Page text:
Summer 2016 - HIST 102W J100

Canada since Confederation (3)

Class Number: 4728

Delivery Method: In Person


  • Course Times + Location:

    We 5:30 PM – 7:20 PM
    HCC 1325, Vancouver

  • Exam Times + Location:

    Aug 10, 2016
    7:00 PM – 10:00 PM
    HCC 1800, Vancouver



Canadian social, political, and economic history from 1867, examining aboriginal/settler relations, immigration, regionalism, foreign policy, economic development, culture, and political movements. Students with credit for HIST 102 may not take this course for further credit. Writing/Breadth-Humanities.


This course in Post-Confederation Canadian History examines social, economic, political and cultural themes in the history of Canada from 1867 to the present. The course presents information about Canada after Confederation through lectures, videos, readings, and in-class activities.


Assignments encourage students to evaluate readings and present information to each other, with the goal of providing practice in the reading, writing, and research skills of the historical profession. Understanding the context of Canadian history post confederation and being able to apply this to understanding their larger world is an additional goal as the History department is committed to having students learn how to understand the past, to make sense of the present, and to shape the future.


  • Participation - attendance, participation, in class writing 20%
  • Writing assignments - longer writing assignments 35%
  • Mid-term Exam - Identification/Historical Significance and Essay Questions 20%
  • Final exam - Short Answer, Identification/Historical Significance questions and Essay Questions 25%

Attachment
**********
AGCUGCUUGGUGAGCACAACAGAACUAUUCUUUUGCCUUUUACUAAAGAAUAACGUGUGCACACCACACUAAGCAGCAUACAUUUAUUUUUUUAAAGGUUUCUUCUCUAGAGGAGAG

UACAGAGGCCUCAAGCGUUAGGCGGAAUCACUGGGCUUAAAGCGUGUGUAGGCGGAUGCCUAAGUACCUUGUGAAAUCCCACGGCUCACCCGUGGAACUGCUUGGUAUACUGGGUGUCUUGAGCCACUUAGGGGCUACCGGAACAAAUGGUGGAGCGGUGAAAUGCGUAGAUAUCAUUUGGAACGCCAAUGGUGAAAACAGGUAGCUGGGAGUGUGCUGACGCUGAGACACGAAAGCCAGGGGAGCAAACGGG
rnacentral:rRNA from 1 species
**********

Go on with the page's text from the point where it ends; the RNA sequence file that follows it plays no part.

• Class Participation in a Writing Class - This class is designated as a (W) writing class and counts towards SFU’s Writing and Breadth requirements. As such the tutorials will often have writing assignments that will be done in tutorial. Regular attendance, regular participation, completion of writing assignments and evidence of regular reading are the criteria for the participation grade. If you come to every tutorial but do not participate, the best grade you can expect is a C-. All work done in tutorials must be done at the time. There is no way to make up in class assignments if you are not there. If there is a health or some other sort of emergency an exception under exceptional circumstances.



Conrad, M and Finkel A. History of the Canadian Peoples: 1867 to the Present Toronto: Pearson Education Canada, 2015, Vol. 2 6th edition.

Registrar Notes:

Each student is responsible for his or her conduct as it affects the University community.  Academic dishonesty, in whatever form, is ultimately destructive of the values of the University. Furthermore, it is unfair and discouraging to the majority of students who pursue their studies honestly. Scholarly integrity is required of all members of the University.

SFU’s Academic Integrity web site contains information on what is meant by academic dishonesty and where you can find resources to help with your studies.  There is also a section on tutoring.